Now, this is an unusual act for a man in Ancient Palestine. Men did not run. In order to run, a man would need to lift his tunic and expose his legs. Men did not do such things. Moreover, Fathers did not run to their children. This is more maternal behavior, as is the kiss. Here the father exposes himself to humiliation to prevent his son from being humiliated… He is the patriarchal head of the household. His running to meet his son is an expression of a love so strong that one is willing to cast one’s dignity to the winds, to put aside one’s power and position for the good of another (6).
Repentance is understood as a kind of self-flagellation: beating ourselves with our sins – like the younger son – to the point we finally say, “Okay, I give up. What I did was wrong and I am forever a stupid human, a worm. I mean nothing and I am no one.”
But the point of repentance is not to make ourselves feel bad. It is to change our way of being, our way of living, our way of interacting with others and with God. In fact the word “repent” in Greek (metanoeo) means – “to turn around” or “to change one’s way of thinking” and in changing our way of thinking we change our way of acting, our way of living, our way of seeing and interacting in the world. In “returning to his Father’s house” the younger son repents, changes his way of thinking and changes his life. Perhaps in realizing our own “lostness” – the fact that we’ve been in a perpetual winter, wandering in the wilderness, like a lone sheep or a lone kindergartener or a rebellious son – perhaps in recognizing how lost we were and remembering the lengths to which God has gone to find us, maybe THAT knowledge is our invincible summer.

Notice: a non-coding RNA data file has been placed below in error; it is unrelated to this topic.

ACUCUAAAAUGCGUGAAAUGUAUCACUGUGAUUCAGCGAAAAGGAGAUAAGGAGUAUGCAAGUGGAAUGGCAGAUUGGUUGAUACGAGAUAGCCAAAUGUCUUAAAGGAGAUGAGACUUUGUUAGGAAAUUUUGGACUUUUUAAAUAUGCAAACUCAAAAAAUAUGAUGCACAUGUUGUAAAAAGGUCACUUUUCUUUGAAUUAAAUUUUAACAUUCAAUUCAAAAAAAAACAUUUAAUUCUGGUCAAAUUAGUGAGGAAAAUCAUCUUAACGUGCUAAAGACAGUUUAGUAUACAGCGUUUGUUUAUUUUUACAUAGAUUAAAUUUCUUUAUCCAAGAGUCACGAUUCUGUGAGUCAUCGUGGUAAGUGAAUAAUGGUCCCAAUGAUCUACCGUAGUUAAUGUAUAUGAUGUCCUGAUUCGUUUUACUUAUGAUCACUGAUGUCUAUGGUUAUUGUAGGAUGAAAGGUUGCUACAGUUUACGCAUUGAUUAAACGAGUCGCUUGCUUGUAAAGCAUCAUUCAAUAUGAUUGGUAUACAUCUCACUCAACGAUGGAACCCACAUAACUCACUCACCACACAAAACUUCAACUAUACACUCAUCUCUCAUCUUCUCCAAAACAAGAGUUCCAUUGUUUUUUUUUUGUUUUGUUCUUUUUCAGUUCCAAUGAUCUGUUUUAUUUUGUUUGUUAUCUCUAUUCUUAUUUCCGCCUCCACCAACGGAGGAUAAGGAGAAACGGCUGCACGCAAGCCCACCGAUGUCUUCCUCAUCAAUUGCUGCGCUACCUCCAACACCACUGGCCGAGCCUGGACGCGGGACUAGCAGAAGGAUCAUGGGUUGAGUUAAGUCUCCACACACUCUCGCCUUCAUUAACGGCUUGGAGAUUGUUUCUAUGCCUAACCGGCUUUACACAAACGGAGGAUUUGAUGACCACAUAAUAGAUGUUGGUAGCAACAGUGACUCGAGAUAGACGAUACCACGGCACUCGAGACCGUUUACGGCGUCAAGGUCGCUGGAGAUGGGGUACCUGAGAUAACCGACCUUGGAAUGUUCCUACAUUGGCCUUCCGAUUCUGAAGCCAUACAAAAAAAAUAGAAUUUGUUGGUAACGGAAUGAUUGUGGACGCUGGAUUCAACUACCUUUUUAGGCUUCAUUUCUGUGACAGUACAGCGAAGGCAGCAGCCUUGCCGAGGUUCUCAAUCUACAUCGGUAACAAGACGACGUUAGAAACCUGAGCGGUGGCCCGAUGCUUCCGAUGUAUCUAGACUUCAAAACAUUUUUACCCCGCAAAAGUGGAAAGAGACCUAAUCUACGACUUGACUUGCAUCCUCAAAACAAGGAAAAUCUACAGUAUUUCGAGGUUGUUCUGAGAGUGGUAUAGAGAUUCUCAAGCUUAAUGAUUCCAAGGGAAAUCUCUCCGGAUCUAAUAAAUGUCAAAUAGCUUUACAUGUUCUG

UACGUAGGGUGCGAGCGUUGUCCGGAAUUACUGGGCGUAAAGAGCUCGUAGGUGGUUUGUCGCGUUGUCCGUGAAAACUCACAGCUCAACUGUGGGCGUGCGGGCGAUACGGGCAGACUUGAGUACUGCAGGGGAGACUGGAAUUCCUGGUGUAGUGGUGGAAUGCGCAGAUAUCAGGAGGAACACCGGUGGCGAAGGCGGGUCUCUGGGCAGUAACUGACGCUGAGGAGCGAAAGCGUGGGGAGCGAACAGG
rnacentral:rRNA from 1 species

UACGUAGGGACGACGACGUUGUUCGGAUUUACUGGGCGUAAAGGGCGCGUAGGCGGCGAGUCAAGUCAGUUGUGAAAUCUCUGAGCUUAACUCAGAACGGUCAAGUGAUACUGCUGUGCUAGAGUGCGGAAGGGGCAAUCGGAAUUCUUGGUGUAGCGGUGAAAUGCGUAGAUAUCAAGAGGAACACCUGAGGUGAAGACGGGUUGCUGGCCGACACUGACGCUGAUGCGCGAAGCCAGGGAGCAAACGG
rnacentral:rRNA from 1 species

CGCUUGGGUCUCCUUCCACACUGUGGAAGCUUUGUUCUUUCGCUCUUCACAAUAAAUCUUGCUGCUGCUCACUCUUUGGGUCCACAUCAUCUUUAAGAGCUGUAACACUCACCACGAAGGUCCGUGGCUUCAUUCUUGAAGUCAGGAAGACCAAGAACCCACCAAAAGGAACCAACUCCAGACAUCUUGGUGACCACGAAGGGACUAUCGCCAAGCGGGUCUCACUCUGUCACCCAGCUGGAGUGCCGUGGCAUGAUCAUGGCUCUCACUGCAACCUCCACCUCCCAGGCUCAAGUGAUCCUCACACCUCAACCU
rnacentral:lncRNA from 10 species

God has found us. We once were lost but now are found. That should be our wellspring of joy, our memory of that beautiful summer sky: We are found. And that’s something that stays with us, even in our darkest times.
And those dark times will come. Whether in the gloomy days of April or in the emotional storms of health problems, job stress and lost loved ones, the days of winter will come. Or as Ned Stark would say, “Winter is coming.” (Winter is always coming.) But that is why we come together as a community. God calls us to be together, “Come and rejoice with me!” God calls to us, even in the midst of dark times.
May we, even in the midst of winter, recognize the heaven all around us. May we remember that we are found, that we belong to God and that we belong to one another. And may God’s love within us be our invincible summer.
- Albert Camus, The Return to Tipasa, found on http://www.douban.com/note/47785510/
- Matthew 21:31
- Richard B. Hays, The Moral Vision of the New Testament, San Francisco: Harper Collins, 1996, 163.
- Brian Stoffergen, found on http://www.crossmarks.com/brian/luke15x1.htm
- Brian C. Stiller, Preaching Parables to Postmoderns (Minneapolis: Fortress Press, 2005).